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Attosecond analysis illuminates a watery mystery

Attosecond analysis illuminates a watery mystery

22 February 2024

With powerful x-ray free-electron lasers, researchers are making great strides in ultrafast spectroscopy—with lessons about how molecules arrange themselves at rest.

Two closely spaced x-ray pulses approach a water molecule in an artist's depiction.
Two closely spaced x-ray pulses, represented in this artist’s depiction as red and green flashes, pump and probe a sample of liquid water. The first pulse kicks electrons (blue) out of some of the water molecules, and the second pulse measures the energy levels of the ionized molecules. Credit: Courtesy of Stacy Huang

While atomic and molecular motions are on a time scale of femtoseconds, electrons move on the scale of attoseconds. As highlighted by last year’s Nobel Prize in Physics, electron dynamics can be probed by attosecond light pulses derived from ordinary tabletop lasers. The technique has yielded plentiful results, but one long-sought capability is largely missing: the ability to excite a sample with one attosecond pulse and probe it with another after a controllable attosecond-scale delay.

X-ray free-electron lasers—the handful of large-scale facilities dedicated to producing intense x-ray pulses—have also entered the attosecond game, and they have plenty of power to produce pulse pairs. Now, working at SLAC’s Linac Coherent Light Source, researchers led by Linda Young, Robin Santra, and Xiaosong Li have performed attosecond pump–probe spectroscopy on liquid water. The results help resolve a debate, not about water’s ultrafast dynamics, but about its resting structure.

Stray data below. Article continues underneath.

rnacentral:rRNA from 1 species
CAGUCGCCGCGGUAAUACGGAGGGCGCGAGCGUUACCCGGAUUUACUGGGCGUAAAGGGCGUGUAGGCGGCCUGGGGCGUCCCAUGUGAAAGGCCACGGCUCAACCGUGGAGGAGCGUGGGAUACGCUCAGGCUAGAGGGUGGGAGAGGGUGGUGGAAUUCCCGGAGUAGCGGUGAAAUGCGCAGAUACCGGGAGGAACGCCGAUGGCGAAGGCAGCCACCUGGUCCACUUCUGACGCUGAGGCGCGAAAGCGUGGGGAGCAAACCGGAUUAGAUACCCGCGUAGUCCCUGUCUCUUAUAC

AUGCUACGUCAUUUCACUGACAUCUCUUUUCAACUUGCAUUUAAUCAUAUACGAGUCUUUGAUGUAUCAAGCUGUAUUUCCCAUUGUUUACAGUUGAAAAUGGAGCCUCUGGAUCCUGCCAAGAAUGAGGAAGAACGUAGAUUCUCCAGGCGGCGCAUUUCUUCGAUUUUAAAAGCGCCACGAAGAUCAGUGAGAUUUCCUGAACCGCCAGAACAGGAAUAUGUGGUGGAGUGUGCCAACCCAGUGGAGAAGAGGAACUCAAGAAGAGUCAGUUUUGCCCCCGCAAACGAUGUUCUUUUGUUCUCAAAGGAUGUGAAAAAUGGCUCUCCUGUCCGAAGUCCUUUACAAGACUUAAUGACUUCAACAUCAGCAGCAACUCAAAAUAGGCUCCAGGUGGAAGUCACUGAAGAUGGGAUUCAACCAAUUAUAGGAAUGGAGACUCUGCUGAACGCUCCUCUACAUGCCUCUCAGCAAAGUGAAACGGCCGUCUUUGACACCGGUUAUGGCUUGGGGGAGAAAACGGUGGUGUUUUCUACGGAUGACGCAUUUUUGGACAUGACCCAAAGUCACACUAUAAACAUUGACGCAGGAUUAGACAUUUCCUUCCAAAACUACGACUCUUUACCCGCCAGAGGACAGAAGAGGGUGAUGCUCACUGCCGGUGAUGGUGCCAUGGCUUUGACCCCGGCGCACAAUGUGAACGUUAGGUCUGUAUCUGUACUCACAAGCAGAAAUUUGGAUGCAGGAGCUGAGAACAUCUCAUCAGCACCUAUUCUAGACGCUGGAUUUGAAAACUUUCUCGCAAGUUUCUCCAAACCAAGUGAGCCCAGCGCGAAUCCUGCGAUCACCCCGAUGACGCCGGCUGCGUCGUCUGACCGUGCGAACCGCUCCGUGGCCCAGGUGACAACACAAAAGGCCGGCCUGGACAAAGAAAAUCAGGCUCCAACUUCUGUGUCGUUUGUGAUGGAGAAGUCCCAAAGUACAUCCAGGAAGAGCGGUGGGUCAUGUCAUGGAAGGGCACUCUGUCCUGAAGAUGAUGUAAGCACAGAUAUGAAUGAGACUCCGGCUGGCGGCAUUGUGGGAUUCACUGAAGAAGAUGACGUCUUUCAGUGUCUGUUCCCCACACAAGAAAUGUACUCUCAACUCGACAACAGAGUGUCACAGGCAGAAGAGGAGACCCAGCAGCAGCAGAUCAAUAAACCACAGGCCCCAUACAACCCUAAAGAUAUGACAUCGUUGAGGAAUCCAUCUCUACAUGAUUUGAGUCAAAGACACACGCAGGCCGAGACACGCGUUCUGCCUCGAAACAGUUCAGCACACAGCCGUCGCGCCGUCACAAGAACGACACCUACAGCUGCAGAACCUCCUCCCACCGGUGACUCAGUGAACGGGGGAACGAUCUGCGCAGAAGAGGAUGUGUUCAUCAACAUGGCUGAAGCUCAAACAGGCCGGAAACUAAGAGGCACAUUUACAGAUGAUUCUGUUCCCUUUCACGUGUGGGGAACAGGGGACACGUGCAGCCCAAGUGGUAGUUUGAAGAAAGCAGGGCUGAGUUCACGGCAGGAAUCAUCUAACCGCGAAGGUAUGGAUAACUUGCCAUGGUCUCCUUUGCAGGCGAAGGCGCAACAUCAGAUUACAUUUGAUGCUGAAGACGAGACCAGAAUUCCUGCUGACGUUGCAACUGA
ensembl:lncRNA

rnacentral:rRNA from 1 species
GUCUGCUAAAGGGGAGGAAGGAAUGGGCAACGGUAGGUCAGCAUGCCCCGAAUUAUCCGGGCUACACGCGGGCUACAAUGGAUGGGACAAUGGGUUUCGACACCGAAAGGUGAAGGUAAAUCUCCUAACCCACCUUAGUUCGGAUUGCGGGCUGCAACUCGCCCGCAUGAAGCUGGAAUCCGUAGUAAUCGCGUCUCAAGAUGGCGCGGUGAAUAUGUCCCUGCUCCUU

Previously, researchers have used x-ray emission spectroscopy to investigate how water molecules arrange themselves. As shown in panel a below, the technique removes an electron from a low-energy state and measures the energies of the photons emitted when electrons from valence states tumble down to fill the hole. Weirdly, the emission from the 1b1 state, which should be a single spectral line, is split in two, as shown in panel b. One explanation is that water contains globs of molecules arranged in two different ways—perhaps a remnant of the distinct liquid-water phases observed in the supercooled regime.

Graphs showing some of the energy transitions in water molecules.
(a) Attosecond pump–probe spectroscopy (green) and x-ray emission spectroscopy (blue) probe the same energy transitions in water, but in reverse order. (b) In the x-ray emission spectrum, the peak from the 1b1 state is split in two, but the splitting could be due to molecular dynamics. In attosecond pump–probe spectroscopy, the measurement is completed quickly enough to rule out dynamics, and the peak is unsplit. Credit: Adapted from S. Li et al., Science (2024), doi:10.1126/science.adn6059

But in x-ray emission spectroscopy, the time between ionization and emission is about 4 fs, which is enough time for atoms to move around. So that technique can’t rule out the possibility that the split peak is due to molecular motion and isn’t a feature of water’s resting structure at all.

Attosecond pump–probe spectroscopy can resolve the ambiguity. In their new experiment, the researchers measure the same energy transitions as in x-ray emission spectroscopy, but in reverse order: The first pulse removes an electron from a valence orbital, and the second excites an electron from a low-energy state. The pulses are delayed by a mere 700 attoseconds—not enough time for molecules to move—and the researchers see a single unsplit 1b1 peak. Water may be just the first of many systems in which ultrafast measurements yield new insights into the system at rest. (S. Li et al., Science, 2024, doi:10.1126/science.adn6059.)

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